8 things you should know about enlarged pores – and potential treatments
Pores are an incredibly important part of the human body. They protect and clean our skin by producing oil and help regulate our body temperatures through sweat production.
Enlarged pores are usually caused by excess oil or sebum and can make some feel a little self-conscious about the condition of their skin. There are plenty of products out there that promise to ‘close’ your pores. But did you know that isn’t possible? Luckily there are lots of options that do work.
So, what are the facts?
1. There are distinct types of pores
We all have two types of pores: sweat pores and oil pores.
- Sweat pores tend to be smaller, tighter and, as the name suggests, are where you sweat from.
- Oil pores are generally hair follicles that are also responsible for the production of sebum that helps lubricate the body. They can often become blocked by excess oil and dirt – leading to spots and blackheads.
2. Various things can be responsible for enlarged pores
Enlarged pores are usually caused by blockages under the surface of the skin, often arising from dead skin cells or excess oil, known as sebum.
Environmental, genetic, and age-based factors can all contribute to the likelihood of developing enlarged pores. For example, we may experience excessive sebum production during puberty because of hormonal changes and sweat more while exercising or when stressed. Both oil and sweat, meanwhile, may be produced in larger quantities if our underlying genetic makeup makes our glands more active.
3. Pores don’t ‘open’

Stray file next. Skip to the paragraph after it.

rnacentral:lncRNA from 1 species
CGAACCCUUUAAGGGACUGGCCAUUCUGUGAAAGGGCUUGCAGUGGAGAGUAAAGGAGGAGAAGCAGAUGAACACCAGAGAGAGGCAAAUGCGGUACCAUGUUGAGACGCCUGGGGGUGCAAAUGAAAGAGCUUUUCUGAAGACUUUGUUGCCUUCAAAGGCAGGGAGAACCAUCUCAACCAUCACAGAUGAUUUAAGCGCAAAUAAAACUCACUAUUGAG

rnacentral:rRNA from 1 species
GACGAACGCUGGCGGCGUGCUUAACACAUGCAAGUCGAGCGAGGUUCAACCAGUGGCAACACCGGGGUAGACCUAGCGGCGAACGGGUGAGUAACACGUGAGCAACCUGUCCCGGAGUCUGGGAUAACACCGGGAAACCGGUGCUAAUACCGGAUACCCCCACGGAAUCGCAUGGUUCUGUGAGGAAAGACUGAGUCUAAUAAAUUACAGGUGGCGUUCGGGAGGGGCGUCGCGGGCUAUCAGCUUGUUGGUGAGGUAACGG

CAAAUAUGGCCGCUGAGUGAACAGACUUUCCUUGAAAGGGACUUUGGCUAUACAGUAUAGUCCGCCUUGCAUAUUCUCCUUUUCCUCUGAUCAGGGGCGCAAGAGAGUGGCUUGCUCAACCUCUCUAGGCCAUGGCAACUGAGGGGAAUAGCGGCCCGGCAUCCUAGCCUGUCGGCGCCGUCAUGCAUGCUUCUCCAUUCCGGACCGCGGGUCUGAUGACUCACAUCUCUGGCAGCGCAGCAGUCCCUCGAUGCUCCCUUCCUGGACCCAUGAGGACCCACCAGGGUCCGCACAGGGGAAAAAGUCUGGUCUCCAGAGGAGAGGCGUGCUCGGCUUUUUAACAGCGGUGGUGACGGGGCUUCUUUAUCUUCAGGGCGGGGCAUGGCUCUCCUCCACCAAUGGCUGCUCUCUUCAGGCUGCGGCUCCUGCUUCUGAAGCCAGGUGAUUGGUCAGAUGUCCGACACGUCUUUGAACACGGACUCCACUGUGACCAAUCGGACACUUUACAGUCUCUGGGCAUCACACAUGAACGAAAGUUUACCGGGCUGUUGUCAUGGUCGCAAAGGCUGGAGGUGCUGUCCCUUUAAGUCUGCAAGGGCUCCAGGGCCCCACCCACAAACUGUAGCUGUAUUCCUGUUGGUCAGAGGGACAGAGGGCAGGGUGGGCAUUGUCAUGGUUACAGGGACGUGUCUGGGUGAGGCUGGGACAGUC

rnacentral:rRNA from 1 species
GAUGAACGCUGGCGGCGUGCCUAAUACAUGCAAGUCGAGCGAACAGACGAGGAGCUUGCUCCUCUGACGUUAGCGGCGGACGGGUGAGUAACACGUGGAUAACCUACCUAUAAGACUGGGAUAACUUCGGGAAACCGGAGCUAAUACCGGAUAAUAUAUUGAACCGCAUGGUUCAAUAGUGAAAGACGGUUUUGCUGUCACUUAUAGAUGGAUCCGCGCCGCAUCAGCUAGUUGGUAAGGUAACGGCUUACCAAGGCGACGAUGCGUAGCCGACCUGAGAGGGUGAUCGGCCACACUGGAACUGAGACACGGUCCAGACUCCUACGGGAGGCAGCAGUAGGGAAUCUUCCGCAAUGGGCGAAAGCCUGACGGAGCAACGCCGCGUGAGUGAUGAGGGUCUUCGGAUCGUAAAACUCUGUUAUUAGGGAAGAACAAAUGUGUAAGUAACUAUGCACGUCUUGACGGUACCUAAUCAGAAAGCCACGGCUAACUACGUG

Contrary to popular belief, pores don’t open and close. Instead, they can widen or narrow – and do so throughout the day.
Therefore, the belief that warm water and steam help to ‘open’ your pores is nonsense. Warmer temperatures can loosen trapped oil and sebum inside pores, but it won’t cause the pores to dilate themselves.
4. Too much sun can lead to pores widening
Exposure to the sun can damage pores and cause them to lose their elasticity – leading to enlarging.
This is because UV rays from the sun damage skin and inhibit collagen production, the protein responsible for healthy, tight skin. Always use a strong SPF for this reason, every day.
5. Moisturise daily
It may seem counterproductive to moisturise daily when skin is already oily, but keeping it hydrated directs the natural oil from your sebaceous glands deeper into the dermis, rather than directing it to sit in the pores on a parched surface. Opt for oil-free and non-comedogenic products.
6. Exfoliating is important
Exfoliation can help remove oil and dead skin cells, reducing enlarged pores and the effects of related skin conditions.
Choose beta hydroxy acids such as salicylic, polyhrdroxy acids such as lactobionic and gluconolactone, and mandelic for sensitive skin.
Try to avoid scratching or picking at any spots – as you could damage your pores. A damaged pore is more likely to stay enlarged and could scar as a result.
7. Clay can be a pore-friendly choice
An oil-absorbing facial mask, like those made of clay, is great for drawing sebum out of pores and soaking up any excess oil in the process. Use them on a different day to your exfoliating acids as too much product can irritate your skin and cause other skin concerns to flare up.